It pained Dean to see her 30 pounds thinner, wearing an ill fitting wig in place of her waist-length ebony hair, but her indomitable spirit continued to leave him in awe.
Agilawood, the camphor tree, and ebony are also found in smaller quantities.
The great hardness of teak is due to the silica deposited in the heart-wood, and the special coloring matters of various woods, such as satinwood, ebony, &c., are confined to the heart-wood.
The forest vegetation, largely confined to the "Isle of Isles" and the southern uplands, includes the Adansonia (baobab), which in the Fazogli district attains gigantic proportions, the tamarind, of which bread is made, the deleb palm, several valuable gum trees (whence the term Sennari often applied in Egypt to gumarabic), some dyewoods, ebony, ironwood and many varieties of acacia.
Small quantities of ebony and sandal-wood are exported.
The other biblical books do not mention the Sabaeans except incidentally, in allusion to their trade in incense and perfumes, gold and precious stones, ivory, ebony, and costly garments (Jer.
- The name "Costa Rica," meaning "rich coast," is well deserved; for, owing to the combination of ample sunshine and moisture with a wonderfully fertile soil, almost any kind of fruit or flower can be successfully cultivated; while the vast tracts of virgin forest, which remain along the Atlantic slopes, contain an abundance of cedar, mahogany, rosewood, rubber and ebony, with fustic and other precious dye-woods.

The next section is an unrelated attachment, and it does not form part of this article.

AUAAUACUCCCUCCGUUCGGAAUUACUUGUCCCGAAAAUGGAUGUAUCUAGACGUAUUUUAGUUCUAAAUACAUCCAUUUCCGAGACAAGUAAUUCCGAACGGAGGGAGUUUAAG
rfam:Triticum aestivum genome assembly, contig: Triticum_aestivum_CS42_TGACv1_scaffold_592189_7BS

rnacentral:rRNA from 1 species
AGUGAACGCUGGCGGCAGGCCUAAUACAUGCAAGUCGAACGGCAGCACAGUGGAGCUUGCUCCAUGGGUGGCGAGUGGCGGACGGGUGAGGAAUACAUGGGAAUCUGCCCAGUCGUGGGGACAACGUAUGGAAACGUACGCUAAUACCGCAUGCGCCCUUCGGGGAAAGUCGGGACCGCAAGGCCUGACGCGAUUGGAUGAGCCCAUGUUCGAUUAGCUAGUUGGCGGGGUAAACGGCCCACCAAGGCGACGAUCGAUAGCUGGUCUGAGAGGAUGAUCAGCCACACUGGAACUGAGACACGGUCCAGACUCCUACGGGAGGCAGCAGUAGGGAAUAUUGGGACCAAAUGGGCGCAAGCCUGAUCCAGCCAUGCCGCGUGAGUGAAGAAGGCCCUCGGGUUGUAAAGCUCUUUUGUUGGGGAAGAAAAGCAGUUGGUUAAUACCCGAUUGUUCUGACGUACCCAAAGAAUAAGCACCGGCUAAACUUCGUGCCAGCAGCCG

Markham, in his introduction to the narrative of Clavijo's embassy, states that his body "was embalmed with musk and rose water, wrapped in linen, laid in an ebony coffin and sent to Samarkand, where it was buried."
Other peculiar trees prized for their wood are: the kauila (Alphitonia ponderosa), used for making spears, mallets and other tools; the kela (Mezoneuron kauaiense), the hard wood of which resembles ebony; the halapepe (Dracaena aurea), out of the soft wood of which the natives carved many of their idols; and the wiliwili (Erythrina monosperma), the wood of which is as light as cork and is used for outriggers.
Rubber vines, mahogany, ebony and many valuable timber trees are found in the forest zone.
Rubber, ebony and other timber, cocoa and gum copal, come next in importance.
The Nile valley afforded a passage by ship or on foot into Nubia, where, however, little wealth was to be sought, though gold and rarities from the Sudan, such as ivory and ebony, came that way and an armed raid could yield a good spoil in slaves and cattle.
The contents of the tombs have been nearly destroyed by successive plunderers; enough remained to show that rich jewellery was placed on the mummies, a profusion of vases of hard and valuable stones from the royal table service stood about the body, the store-rooms were filled with great jars of wine, perfumed ointment and other supplies, and tablets of ivory and of ebony were engraved with a record of the yearly annals of the reigns.
There is a large trade in wood-carving, the material being generally Indian ebony in northern India, sandal-wood in southern India, and teak in Burma and elsewhere.
The principal timber tree is the ebony (Diospyros ebeneum), which grows to a considerable size.
The neighbouring forests furnish ebony, molave, tindalo and other very valuable hardwoods.
Among the timber trees are species of pine, cedar, ebony, ironwood, stinkwood and sneezewood.
One was black as ebony, with little bunches of fuzzy hair tied with shoestrings sticking out all over her head like corkscrews.